Denigrating a wood like you did to me falls under, "if you have nothing good to say, say nothing at all." How about this, is it just me or does spruce and rosewood look hideous to some other folks as well?

Tootler
10-29-2015, 11:44 AM
Denigrating a wood like you did to me falls under, "if you have nothing good to say, say nothing at all." How about this, is it just me or does spruce and rosewood look hideous to some other folks as well?

I think you're overreacting here. I see no harm, if you don't like the look of a wood there's no harm in saying so as long as you are making it clear it's a personal opinion which is what I understood earlier posters were saying.

Booli
10-29-2015, 01:43 PM
I know this is an uneducated opinion as to the merits of each, but I was originally put off of 'Zebrawood' and 'Monky Pod' ANYTHING because of the NAMES.

To me it has the stink of over-the-top marketing nonsense, which I have a knee-jerk reaction of rejecting post-haste, no matter what it is.

Maybe it's just me, and I am fully aware that this is a parochial view, but I have no desire to demo or own an instrument made from such woods.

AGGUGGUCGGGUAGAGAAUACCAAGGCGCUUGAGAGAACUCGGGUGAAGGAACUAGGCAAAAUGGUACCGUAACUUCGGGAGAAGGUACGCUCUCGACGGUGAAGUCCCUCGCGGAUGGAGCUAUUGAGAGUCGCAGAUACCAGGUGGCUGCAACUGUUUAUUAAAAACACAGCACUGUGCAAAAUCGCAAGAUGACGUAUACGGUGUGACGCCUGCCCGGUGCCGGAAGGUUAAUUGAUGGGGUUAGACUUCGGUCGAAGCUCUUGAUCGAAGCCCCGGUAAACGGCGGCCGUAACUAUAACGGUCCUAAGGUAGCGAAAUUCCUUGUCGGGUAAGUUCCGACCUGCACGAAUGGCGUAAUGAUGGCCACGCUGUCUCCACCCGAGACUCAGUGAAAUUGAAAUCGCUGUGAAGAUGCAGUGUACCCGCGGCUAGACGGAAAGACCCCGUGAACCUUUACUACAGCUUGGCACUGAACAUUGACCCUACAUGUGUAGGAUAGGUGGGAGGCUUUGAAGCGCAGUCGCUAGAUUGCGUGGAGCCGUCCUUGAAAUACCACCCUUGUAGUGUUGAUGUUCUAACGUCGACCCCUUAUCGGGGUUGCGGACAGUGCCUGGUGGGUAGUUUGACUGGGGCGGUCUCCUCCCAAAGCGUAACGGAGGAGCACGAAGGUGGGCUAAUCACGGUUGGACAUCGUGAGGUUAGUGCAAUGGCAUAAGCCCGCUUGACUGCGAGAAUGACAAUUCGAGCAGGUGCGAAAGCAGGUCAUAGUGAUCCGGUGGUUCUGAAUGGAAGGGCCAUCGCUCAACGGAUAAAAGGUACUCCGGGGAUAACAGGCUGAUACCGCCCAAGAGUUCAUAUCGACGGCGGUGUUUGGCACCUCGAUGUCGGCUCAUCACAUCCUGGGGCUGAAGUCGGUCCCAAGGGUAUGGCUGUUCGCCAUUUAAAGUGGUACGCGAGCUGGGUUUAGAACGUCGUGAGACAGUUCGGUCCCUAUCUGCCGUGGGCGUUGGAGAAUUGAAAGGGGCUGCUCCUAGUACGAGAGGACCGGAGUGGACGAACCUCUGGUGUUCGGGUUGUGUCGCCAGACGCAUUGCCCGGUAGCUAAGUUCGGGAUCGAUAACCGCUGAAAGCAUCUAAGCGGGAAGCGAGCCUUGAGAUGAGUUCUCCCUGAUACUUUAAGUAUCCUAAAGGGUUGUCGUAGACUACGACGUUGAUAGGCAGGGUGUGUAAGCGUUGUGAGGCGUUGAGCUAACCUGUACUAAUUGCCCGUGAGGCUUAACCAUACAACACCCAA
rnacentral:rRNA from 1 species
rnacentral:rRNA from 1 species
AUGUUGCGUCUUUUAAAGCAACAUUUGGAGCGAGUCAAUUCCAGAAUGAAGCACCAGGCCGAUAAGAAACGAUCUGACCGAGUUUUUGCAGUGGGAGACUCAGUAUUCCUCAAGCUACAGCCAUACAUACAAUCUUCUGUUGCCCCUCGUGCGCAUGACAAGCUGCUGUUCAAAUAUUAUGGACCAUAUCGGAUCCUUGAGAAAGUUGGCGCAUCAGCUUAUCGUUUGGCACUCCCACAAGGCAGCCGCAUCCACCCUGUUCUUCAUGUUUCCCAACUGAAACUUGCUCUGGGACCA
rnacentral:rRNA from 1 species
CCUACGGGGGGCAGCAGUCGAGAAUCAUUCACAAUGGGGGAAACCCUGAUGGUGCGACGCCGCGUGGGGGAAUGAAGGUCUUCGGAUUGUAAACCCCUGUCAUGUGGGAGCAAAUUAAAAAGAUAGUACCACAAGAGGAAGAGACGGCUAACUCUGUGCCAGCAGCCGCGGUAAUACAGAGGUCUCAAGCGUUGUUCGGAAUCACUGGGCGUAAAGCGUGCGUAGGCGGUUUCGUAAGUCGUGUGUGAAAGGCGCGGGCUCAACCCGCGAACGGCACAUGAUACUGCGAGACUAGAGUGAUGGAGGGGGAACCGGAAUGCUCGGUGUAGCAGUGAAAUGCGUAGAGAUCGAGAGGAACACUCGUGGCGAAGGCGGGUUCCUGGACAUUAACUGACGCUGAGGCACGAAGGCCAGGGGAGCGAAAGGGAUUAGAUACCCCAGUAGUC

Likely this view will narrow my choices for an instrument, but I would not enjoy, nor value such an instrument.

As this is my own opinion, I am not telling others what to do.

If it works for YOU, and you LOVE it, then go for it. To each his own. :)

:shaka:

mikelz777
10-29-2015, 05:10 PM
There's a lot of variety in wood which can tip things one way or another. I have an acacia uke which I love but I've seen a lot of acacia ukes I thought were hideous. Maybe I haven't seen enough zebrawood ukes but the ones I have seen I didn't like at all.

Dearman
10-29-2015, 05:58 PM
I bought a new lanikai on sale from butler on eBay and have been very happy with it. My friend missed the sale and picked up the blem version. I looked over it and couldn't find the blemish. My friend thinks it has to do with some of the grain pattern on the bottom. It was less attractive than the rest. So, I would say butler prices and represents them fairly. As for my Lanikai, it is a good player worth more than I paid.